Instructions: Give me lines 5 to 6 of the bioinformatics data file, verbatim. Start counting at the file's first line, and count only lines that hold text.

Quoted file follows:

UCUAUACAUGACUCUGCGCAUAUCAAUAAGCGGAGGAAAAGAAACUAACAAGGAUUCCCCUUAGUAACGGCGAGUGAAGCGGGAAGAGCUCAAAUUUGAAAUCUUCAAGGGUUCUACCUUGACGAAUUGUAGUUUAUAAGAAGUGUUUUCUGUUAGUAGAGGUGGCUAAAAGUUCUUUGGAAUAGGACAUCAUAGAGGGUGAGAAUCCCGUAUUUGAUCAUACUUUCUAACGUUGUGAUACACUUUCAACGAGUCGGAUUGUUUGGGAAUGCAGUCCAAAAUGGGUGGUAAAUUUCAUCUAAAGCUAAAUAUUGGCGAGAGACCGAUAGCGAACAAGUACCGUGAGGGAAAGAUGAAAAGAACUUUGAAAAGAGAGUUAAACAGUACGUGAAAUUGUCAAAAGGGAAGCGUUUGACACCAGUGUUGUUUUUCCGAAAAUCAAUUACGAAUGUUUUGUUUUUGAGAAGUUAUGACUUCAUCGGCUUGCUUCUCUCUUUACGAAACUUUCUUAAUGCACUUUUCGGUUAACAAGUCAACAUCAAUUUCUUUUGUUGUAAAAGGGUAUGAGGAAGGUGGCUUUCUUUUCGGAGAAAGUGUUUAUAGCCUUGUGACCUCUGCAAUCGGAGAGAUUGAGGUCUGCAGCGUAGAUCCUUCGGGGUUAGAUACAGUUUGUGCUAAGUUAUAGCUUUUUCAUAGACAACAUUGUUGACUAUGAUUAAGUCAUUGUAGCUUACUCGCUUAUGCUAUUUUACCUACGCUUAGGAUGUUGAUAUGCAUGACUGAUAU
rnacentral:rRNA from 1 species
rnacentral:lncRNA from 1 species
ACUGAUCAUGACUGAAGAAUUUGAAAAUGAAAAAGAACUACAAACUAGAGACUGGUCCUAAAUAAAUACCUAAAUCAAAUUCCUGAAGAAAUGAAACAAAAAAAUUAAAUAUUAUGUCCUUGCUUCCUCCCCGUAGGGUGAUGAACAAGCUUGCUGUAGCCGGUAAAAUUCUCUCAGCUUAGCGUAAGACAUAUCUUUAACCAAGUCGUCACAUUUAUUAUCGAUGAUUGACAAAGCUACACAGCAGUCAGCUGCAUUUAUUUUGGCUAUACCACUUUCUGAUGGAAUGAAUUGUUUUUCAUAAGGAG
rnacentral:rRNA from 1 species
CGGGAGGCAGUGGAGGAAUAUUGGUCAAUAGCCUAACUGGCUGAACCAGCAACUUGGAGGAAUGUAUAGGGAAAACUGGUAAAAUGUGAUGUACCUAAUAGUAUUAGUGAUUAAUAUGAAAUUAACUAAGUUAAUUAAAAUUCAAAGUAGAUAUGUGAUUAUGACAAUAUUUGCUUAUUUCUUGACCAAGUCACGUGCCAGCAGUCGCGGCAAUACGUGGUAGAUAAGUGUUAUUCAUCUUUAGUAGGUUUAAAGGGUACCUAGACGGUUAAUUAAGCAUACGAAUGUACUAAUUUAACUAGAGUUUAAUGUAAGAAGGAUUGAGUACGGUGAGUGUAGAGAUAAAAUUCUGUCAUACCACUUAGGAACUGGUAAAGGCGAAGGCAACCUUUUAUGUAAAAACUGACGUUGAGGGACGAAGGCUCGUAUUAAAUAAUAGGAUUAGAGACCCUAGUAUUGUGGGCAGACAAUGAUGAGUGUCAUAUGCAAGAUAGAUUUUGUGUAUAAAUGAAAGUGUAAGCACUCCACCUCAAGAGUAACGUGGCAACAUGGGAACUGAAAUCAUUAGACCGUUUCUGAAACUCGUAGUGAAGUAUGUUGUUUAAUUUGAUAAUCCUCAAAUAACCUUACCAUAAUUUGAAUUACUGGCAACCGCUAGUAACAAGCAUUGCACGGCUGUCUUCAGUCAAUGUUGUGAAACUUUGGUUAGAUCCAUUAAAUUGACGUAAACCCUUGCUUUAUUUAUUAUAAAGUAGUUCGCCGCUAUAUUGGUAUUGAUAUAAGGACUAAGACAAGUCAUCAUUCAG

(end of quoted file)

rnacentral:rRNA from 1 species
CGGGAGGCAGUGGAGGAAUAUUGGUCAAUAGCCUAACUGGCUGAACCAGCAACUUGGAGGAAUGUAUAGGGAAAACUGGUAAAAUGUGAUGUACCUAAUAGUAUUAGUGAUUAAUAUGAAAUUAACUAAGUUAAUUAAAAUUCAAAGUAGAUAUGUGAUUAUGACAAUAUUUGCUUAUUUCUUGACCAAGUCACGUGCCAGCAGUCGCGGCAAUACGUGGUAGAUAAGUGUUAUUCAUCUUUAGUAGGUUUAAAGGGUACCUAGACGGUUAAUUAAGCAUACGAAUGUACUAAUUUAACUAGAGUUUAAUGUAAGAAGGAUUGAGUACGGUGAGUGUAGAGAUAAAAUUCUGUCAUACCACUUAGGAACUGGUAAAGGCGAAGGCAACCUUUUAUGUAAAAACUGACGUUGAGGGACGAAGGCUCGUAUUAAAUAAUAGGAUUAGAGACCCUAGUAUUGUGGGCAGACAAUGAUGAGUGUCAUAUGCAAGAUAGAUUUUGUGUAUAAAUGAAAGUGUAAGCACUCCACCUCAAGAGUAACGUGGCAACAUGGGAACUGAAAUCAUUAGACCGUUUCUGAAACUCGUAGUGAAGUAUGUUGUUUAAUUUGAUAAUCCUCAAAUAACCUUACCAUAAUUUGAAUUACUGGCAACCGCUAGUAACAAGCAUUGCACGGCUGUCUUCAGUCAAUGUUGUGAAACUUUGGUUAGAUCCAUUAAAUUGACGUAAACCCUUGCUUUAUUUAUUAUAAAGUAGUUCGCCGCUAUAUUGGUAUUGAUAUAAGGACUAAGACAAGUCAUCAUUCAG